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The instant UK Sunday Times Bestseller
'Beth O'Leary is that rare, one-in-a-million talent who can make you laugh, swoon, cry and ache all in the same book' Emily Henry
'Read this! Absolutely loved it!' Christina Lauren
Addie and her sister are on an epic road trip to a friend's wedding in rural Scotland. But, not long after setting off, a car slams into theirs. The driver is none other than Addie's ex, who she hasn't seen since their traumatic break-up two years earlier.
Dylan and his best mate are heading to the wedding too, so Addie has no choice but to offer them a ride. And with four hundred miles to go, they can't avoid confronting the very messy history of their relationship . . .
Will they make it to the wedding? And, more importantly, is this really the end of the road for Addie and Dylan?
'Funny, relatable and tender' Red
'This book is perfect' Rosie Walsh
'Beth is quite rightly earning her title as "Queen of Uplit"' Prima
'If Richard Curtis and Nora Ephron made a story baby' Zoella Book Club
'So romantic and moving and brilliantly told' Louise O'Neill
'O'Leary does it again! The Road Trip is another sure-fire hit, filled with characters you won't forget' Mike Gayle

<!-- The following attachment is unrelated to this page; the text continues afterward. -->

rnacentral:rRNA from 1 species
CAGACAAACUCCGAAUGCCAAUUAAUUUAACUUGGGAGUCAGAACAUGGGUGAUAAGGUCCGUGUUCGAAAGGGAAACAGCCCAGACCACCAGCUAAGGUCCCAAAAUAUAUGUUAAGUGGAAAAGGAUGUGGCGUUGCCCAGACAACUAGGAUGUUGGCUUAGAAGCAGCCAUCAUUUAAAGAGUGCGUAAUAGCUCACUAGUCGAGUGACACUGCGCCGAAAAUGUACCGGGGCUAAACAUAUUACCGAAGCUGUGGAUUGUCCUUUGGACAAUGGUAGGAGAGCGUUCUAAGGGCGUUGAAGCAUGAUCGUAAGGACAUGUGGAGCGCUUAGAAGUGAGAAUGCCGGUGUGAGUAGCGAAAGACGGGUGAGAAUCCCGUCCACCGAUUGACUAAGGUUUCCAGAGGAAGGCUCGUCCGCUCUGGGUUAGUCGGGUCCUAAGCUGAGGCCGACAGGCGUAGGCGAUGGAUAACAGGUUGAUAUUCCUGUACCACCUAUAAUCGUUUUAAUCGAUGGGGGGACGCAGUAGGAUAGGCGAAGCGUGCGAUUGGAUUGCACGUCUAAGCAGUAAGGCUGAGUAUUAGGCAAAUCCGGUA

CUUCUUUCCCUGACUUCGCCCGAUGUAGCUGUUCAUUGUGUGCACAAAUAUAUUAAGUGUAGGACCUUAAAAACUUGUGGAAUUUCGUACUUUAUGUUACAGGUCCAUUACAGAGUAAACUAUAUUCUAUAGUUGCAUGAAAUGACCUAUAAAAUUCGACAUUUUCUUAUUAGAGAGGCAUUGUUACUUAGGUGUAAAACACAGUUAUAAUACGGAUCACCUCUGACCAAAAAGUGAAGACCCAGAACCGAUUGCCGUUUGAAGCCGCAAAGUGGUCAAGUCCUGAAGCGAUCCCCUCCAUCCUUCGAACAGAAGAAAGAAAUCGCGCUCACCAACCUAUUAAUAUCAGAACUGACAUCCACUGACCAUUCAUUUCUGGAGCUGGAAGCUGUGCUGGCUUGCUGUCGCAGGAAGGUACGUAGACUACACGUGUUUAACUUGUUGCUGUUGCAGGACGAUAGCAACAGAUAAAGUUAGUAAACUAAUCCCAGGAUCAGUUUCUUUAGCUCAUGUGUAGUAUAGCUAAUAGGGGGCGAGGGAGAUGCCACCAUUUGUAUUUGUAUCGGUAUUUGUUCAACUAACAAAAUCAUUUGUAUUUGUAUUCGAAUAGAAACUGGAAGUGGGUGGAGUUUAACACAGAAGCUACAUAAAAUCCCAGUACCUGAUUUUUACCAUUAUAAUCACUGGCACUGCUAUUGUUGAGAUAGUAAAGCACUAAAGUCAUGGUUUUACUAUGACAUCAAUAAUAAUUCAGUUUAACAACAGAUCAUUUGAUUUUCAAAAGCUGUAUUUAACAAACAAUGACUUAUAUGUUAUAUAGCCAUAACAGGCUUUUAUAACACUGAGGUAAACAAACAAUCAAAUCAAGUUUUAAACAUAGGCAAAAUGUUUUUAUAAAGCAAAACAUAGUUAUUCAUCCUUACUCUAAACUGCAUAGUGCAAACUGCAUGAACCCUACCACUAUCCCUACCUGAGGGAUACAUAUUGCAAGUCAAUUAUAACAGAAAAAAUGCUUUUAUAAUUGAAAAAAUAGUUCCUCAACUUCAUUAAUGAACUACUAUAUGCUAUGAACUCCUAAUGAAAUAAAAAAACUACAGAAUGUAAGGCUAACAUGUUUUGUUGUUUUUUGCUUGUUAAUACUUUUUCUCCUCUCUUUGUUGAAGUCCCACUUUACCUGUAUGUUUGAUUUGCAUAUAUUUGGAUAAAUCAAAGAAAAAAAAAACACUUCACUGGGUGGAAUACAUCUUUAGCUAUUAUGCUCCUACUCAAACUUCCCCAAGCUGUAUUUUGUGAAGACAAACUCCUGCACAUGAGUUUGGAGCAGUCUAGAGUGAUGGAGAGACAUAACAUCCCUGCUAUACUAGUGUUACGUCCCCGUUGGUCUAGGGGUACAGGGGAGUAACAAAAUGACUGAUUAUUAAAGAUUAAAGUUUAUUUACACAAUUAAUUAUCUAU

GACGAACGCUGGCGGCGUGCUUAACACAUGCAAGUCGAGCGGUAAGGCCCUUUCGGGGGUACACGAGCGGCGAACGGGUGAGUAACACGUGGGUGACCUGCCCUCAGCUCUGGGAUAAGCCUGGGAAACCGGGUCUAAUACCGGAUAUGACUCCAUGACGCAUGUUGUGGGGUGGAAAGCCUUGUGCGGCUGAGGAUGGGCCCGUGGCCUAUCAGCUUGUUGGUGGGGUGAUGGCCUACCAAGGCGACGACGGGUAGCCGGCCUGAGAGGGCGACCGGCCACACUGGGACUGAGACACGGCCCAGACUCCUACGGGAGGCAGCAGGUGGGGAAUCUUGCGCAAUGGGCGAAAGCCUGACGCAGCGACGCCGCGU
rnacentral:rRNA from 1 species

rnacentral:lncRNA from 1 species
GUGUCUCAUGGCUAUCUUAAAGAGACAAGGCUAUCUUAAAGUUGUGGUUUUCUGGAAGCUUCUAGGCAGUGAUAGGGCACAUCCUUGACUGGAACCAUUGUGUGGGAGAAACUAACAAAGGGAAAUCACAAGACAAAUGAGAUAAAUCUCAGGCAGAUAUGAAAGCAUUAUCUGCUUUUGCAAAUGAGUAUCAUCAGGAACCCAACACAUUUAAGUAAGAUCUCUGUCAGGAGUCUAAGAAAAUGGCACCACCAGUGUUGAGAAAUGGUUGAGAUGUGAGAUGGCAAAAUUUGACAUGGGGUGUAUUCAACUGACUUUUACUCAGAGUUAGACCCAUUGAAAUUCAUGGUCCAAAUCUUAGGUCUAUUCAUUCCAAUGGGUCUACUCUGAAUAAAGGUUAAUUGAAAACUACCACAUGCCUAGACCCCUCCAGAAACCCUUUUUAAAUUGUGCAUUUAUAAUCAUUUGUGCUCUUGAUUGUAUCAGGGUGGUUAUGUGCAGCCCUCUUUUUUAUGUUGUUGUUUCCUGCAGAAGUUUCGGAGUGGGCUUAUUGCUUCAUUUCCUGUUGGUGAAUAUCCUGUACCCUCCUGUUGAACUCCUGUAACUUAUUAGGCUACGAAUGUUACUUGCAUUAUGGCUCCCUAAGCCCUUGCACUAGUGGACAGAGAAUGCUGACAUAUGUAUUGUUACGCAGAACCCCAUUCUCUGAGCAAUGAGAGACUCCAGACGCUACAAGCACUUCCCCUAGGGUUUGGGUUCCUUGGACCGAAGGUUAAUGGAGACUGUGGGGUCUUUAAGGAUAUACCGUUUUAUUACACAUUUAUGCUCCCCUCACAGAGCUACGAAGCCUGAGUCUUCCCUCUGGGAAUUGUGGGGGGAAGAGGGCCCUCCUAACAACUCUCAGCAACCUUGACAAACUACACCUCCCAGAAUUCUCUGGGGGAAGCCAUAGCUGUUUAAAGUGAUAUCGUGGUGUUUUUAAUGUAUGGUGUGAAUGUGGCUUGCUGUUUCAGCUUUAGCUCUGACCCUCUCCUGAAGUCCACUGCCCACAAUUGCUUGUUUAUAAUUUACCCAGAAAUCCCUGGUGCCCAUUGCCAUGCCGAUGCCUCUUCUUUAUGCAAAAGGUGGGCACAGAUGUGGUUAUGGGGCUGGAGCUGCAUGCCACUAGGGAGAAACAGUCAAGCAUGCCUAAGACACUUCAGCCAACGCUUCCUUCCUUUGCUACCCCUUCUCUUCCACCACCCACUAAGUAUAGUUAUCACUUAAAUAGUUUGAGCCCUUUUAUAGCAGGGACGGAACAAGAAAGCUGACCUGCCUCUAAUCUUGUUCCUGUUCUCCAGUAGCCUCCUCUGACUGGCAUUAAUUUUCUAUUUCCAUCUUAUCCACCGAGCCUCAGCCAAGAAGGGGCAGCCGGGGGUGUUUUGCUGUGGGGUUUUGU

'An achingly tender love story' Richard Roper
A pair of exes travel from England to Scotland for a friend's wedding in O'Leary's delightful third contemporary romance (after The Switch). Sisters Addie and Deb Gilbert are heading north in a Mini that's seen better days when they're rear-ended by Addie's ex, Dylan Abbott, and his obnoxious friend, Marcus, who always did his worst to sabotage their relationship. Marcus's Mercedes is totaled, so the sisters feel obliged to squeeze the guys into the backseat with Rodney, a friend of the bride's who needed a lift. From there, the trip becomes an extended nightmare of hilarious breakdowns, rescues, and pit stops peppered with snide comments, hurt feelings, and rivalries old and new. The present narrative is interspersed with flashbacks to Addie and Dylan's relationship and devastating breakup. Over the course of their misadventures it becomes clear that these two still love each other—but have they matured enough to make it work? As with her surprise hit, The Flatshare, O'Leary expertly balances humor and heart while introducing a zany cast of 20-somethings. Though some readers may balk at the grammar (" ‘Sorry,' me and Rodney say simultaneously"), the breezy, conversational tone fits the novel's mood. Readers won't want this crazy road trip to end.
Lovely, but a bit too cheesy
Lovely but there were some stretches that were just too cheesy for my liking